Lion Babe is hot stuff! Grab pen and paper and take note of the name(s) at once!

How To Dress Well?!

To make it clear, this is NOT a blog post about neither clothes nor fashion or the hottest trends even if the title indicate something like it!

So, what is How To Dress Well?

Behind the sentence “how to dress well” is just another weird band name. I call it weird because the name could be the heading of a fashion magazine article, or maybe a blog post. The first thing that popped into my mind when I read the band name in a review of their latest album was something like; Was the name chosen to be found in search engines like Google? So I had to do a test and entered “how to dress well” in Google search field and pushed the search button…and too my big surprise the first thing I got up is the homepage of the band/artist – and other pages with articles about the group.

In other words; What a good choice of band name!

I found that How To Dress Well is not a band name, but the stage name of just one man, Tom Krell. He is also a graduate philosophy student and releases his music through small independent labels like Wierd World Records / Domino Records and Asephale Records.

Where can you listen to How To Dress Well?

Tom Krell has so far released two albums under his alter ego How To Dress Well.

The debut album “Love Remains” (left) was released back in 2010, his second and best album so far is out these days (released September 2012) and is named “Total Loss” (right).  Note: I focus on the latest album in this blogpost.

Buy or hear the album here:
On Itunes US here or Itunes (Nor) here, or listen to it on Spotify or LastFM

You´ll also find a great amount of mixtapes online that gives you a fine introduction to the music that inspires the sound of How To Dress Well. I’ll link to them at the bottom of this page.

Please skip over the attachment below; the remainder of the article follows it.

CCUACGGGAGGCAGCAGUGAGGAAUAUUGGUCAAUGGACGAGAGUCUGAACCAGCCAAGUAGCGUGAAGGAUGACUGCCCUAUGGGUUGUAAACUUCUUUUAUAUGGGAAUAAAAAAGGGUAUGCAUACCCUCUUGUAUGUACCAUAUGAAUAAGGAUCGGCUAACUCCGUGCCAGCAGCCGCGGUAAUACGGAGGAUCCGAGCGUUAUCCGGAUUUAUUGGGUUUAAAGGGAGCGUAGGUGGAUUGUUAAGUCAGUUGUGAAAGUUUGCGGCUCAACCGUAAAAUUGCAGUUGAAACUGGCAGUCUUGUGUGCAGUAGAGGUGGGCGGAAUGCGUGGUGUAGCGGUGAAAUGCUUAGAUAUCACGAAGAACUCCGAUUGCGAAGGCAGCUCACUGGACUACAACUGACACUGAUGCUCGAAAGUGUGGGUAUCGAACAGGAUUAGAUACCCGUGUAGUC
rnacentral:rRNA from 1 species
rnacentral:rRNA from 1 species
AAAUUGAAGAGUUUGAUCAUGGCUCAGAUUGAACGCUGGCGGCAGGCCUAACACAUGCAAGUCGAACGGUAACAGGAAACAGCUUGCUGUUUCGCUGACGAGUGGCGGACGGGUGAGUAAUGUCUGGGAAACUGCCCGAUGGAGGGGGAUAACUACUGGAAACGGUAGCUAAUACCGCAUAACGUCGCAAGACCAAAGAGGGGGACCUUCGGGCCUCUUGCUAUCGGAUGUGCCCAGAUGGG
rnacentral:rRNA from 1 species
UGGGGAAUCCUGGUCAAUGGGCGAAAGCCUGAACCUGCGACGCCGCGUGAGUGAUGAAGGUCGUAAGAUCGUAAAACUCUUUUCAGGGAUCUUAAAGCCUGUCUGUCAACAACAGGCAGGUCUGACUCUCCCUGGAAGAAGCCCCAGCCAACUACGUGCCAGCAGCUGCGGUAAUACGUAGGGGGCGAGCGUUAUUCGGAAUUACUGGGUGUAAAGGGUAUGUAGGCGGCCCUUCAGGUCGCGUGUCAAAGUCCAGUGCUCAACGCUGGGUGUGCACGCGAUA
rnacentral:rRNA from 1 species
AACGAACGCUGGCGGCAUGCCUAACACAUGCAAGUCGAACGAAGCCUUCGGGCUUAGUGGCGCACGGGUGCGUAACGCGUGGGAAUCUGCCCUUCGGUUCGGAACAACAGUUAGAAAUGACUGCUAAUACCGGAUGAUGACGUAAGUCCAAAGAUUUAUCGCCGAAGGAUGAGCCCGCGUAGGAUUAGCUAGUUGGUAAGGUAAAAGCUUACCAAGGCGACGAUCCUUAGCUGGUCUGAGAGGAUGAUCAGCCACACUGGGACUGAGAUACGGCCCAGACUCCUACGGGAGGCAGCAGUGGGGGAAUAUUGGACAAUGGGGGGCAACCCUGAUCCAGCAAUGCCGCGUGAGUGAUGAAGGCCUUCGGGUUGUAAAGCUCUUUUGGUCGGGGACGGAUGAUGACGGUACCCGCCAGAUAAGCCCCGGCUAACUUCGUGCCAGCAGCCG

How does How To Dress Well sound?

First of all – make sure you hear the album “Total Loss” on a stereo with a good pair of loudspeakers. Or sit down – even better lay down with a pair of headphones. Pump up the volume and let yourself be drawn into the soft and warm sound of “Total Loss”

Lurking in the shadows of soft dubstep and R&B names like James Blake and the soulful landscape of Jamie Woon – a line can also be drawn to The Weeknd. This is the easiest way to describe how How To Dress Well sounds.
The voice mostly falsetto – very soulful, multi-tracked voice, a bit like Bon Iver but with way better falsetto and airy piano not to far from the ambient, classical sounds of Craig Armstrong (the conductor of Massive Attacks “Protection” record and the original score to movies like Romeo & Juliet. Craig Armstrong has also released numerous records under his own name. All slow, orchestral, choral, ambient – soulful and soothing like trip hop at its best) But you also find danceable and funkier sounds on the “Total Loss” album. Even soul singers like the soft voice of Maxwell to more contemporary soul like Maria Carey can seem like a musical influence. Sometimes it sounds like a whole choir has entered the studio – other times it´s just one single voice singing in an empty church. The whole production is smoother, more open, maybe airy is the right description?! I can even hear inspiration from the orchestral part of Prince AOR ballad “Purple Rain” and some inspiration from “Nothing Compares To You” – but not the Sinead O´Connor version or Prince´ own version but the strings and almost a cappella original version by Prince protegé band The Family. If you happen love James Blakes cover of Feist “Limit To Your Love” and Jamie Woons stripped soulful productions; You´ll love to hear How To Dress Wells floating sounds, and their use of echoes, claps, soundscapes and beat boxing and throat voices layer upon layer to create this dream-like soul music.

Tom Krell and How To Dress Well should and could be this years Jamie Woon or Bon Iver. The record everyone should have!

His music might as well can be described as the best soundtrack to a film that has never been made! You wish never ends…until its over in just 46 minutes

Where can you hear more How To Dress Well?

As promised; The mixtapes! Instead of me writing page up and page down of references to the sound of Tom Krell and How To Dress Well listen to and/or download his mixes. Read more about the tracks and mixtapes here:

There is so many mixtapes out there online, and gives you, the reader and listener, a great insight into the world of How To Dress Well – search and you shall find!

You can follow and read more about How To Dress Well on his own pages!
Homepage http://howtodresswell.com
Twitter http://twitter.com/howtodresswell
Facebook https://www.facebook.com/howtodresswellmusic

I am so glad that How To Dress Well and Tom Krell don’t deal with style,
and instead he choose do steal and borrow with style!